|Numéro de publication||US20040139167 A1|
|Type de publication||Demande|
|Numéro de demande||US 10/313,306|
|Date de publication||15 juil. 2004|
|Date de dépôt||6 déc. 2002|
|Date de priorité||6 déc. 2002|
|Autre référence de publication||CA2508804A1, CN1723434A, EP1570337A2, WO2004053677A2, WO2004053677A3|
|Numéro de publication||10313306, 313306, US 2004/0139167 A1, US 2004/139167 A1, US 20040139167 A1, US 20040139167A1, US 2004139167 A1, US 2004139167A1, US-A1-20040139167, US-A1-2004139167, US2004/0139167A1, US2004/139167A1, US20040139167 A1, US20040139167A1, US2004139167 A1, US2004139167A1|
|Inventeurs||Thomas Edsall, Mario Mazzola, Prem Jain, Silvano Gai, Luca Cafiero, Maurilio De Nicolo|
|Cessionnaire d'origine||Andiamo Systems Inc., A Delaware Corporation|
|Exporter la citation||BiBTeX, EndNote, RefMan|
|Citations de brevets (7), Référencé par (104), Classifications (16), Événements juridiques (3)|
|Liens externes: USPTO, Cession USPTO, Espacenet|
 The present invention is related to U.S. Application Ser. No. ______ (attorney docket number ANDIP023) entitled “Apparatus and Method for A High Availability Data Network Using Replicated Delivery” by Thomas Edsall et. al. and U.S. application Ser. No. ______ (attorney docket number ANDIP018) entitled “Apparatus and Method for a Lightweight, Reliable Packet-Based Protocol” by Gai Silvano et. al., both filed on the same day and assigned to the same assignee as the present invention, and incorporated herein by reference for all purposes.
 1. Field of the Invention
 The present invention relates to data storage, and more particularly, to an apparatus and method for a scalable Network Attached Storage (NAS) system.
 2. Background of the Invention
 With the increasing popularity of Internet commerce and network centric computing, businesses and other organizations are becoming more and more reliant on information. To handle all of this data, various types of storage systems have been developed such as Storage Array Networks (SANs) and Network Attached Storage (NAS). SANs have been developed based on the concept of storing and retrieving data blocks. In contrast, NAS systems are based on the concept of storing and retrieving files.
 A typical NAS system is a single monolithic node that performs protocol termination, maintains a file system, manages disk space allocation and includes a number of disks, all managed by one processor at one location. Protocol termination is the conversion of NFS or CIFS requests over TCP/IP received from a client over a network into whatever internal inter-processor communication (IPC) mechanism defined by the operating system relied on by the system. Some NAS system providers, such as Network Appliance of Sunnyvale, Calif., market NAS systems that can process both NFS and CIFS requests so that files can be accessed by both Unix and Windows users respectively. With these types of NAS systems, the protocol termination node includes the capability to translate both NFS or CIFS requests into whatever communication protocol is used within the NAS system. The file system maintains a log of all the files stored in the system. In response to a request from the termination node, the file system retrieves or stores files as needed to satisfy the request. The file system is also responsible for managing files stored on the various storage disks of the system and for locking files that are being accessed. The locking of files is typically done whenever a file is open, regardless if it is being written to or read. For example, to prevent a second user from writing to a file that is currently being written to by a first user, the file is locked. A file may also be locked during a read to prevent another termination node from attempting to write or modify that file while it is being read. The disk controller handles a number of responsibilities, such as accessing the disks, managing data mirroring on the disks for back-up purposes, and monitoring the disks for failure and/or replacement. The storage disk are typically arranged in one of a number of different well known configurations, such as a known level of Redundant Array of Independent Disks (i.e., RAID1 or RAID5).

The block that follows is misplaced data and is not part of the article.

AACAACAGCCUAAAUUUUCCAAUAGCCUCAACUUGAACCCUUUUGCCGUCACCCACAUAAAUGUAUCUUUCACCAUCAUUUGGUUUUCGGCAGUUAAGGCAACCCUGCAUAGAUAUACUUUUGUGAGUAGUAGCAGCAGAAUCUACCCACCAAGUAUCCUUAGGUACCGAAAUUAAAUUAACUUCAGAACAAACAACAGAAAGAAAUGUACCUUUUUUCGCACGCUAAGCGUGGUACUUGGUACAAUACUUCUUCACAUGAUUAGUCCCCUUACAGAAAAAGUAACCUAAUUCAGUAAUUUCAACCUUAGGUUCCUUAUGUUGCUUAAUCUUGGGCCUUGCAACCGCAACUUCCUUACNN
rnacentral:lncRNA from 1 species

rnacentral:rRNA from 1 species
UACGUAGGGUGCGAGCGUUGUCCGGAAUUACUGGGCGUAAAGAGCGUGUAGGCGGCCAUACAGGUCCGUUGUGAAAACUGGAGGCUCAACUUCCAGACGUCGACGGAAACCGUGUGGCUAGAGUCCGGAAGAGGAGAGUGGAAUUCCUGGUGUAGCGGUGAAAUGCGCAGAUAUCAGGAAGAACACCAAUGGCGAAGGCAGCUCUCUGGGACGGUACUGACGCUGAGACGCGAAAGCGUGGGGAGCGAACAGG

The protocol termination node and file system are usually implemented in microcode or software on a computer server operating either the Windows, Unix or Linux operating systems. Together, the computer, disk controller, and array of storage disks are then assembled into a rack. A typical NAS system is thus assembled and marketed as a stand alone rack system.
 A number of problems are associated with current NAS systems. Foremost, most NAS systems are not scaleable. Each NAS system rack maintains its own file system. The file system of one rack does not inter-operate with the file systems of other racks within the information technology infrastructure of an enterprise. It is therefore not possible for the file system of one rack to access the disk space of another rack or vice versa. Consequently, the performance of NAS systems is typically limited to that of single rack system. Certain NAS systems are redundant. However, even these systems do not scale very well and are typically limited to only two or four nodes at most.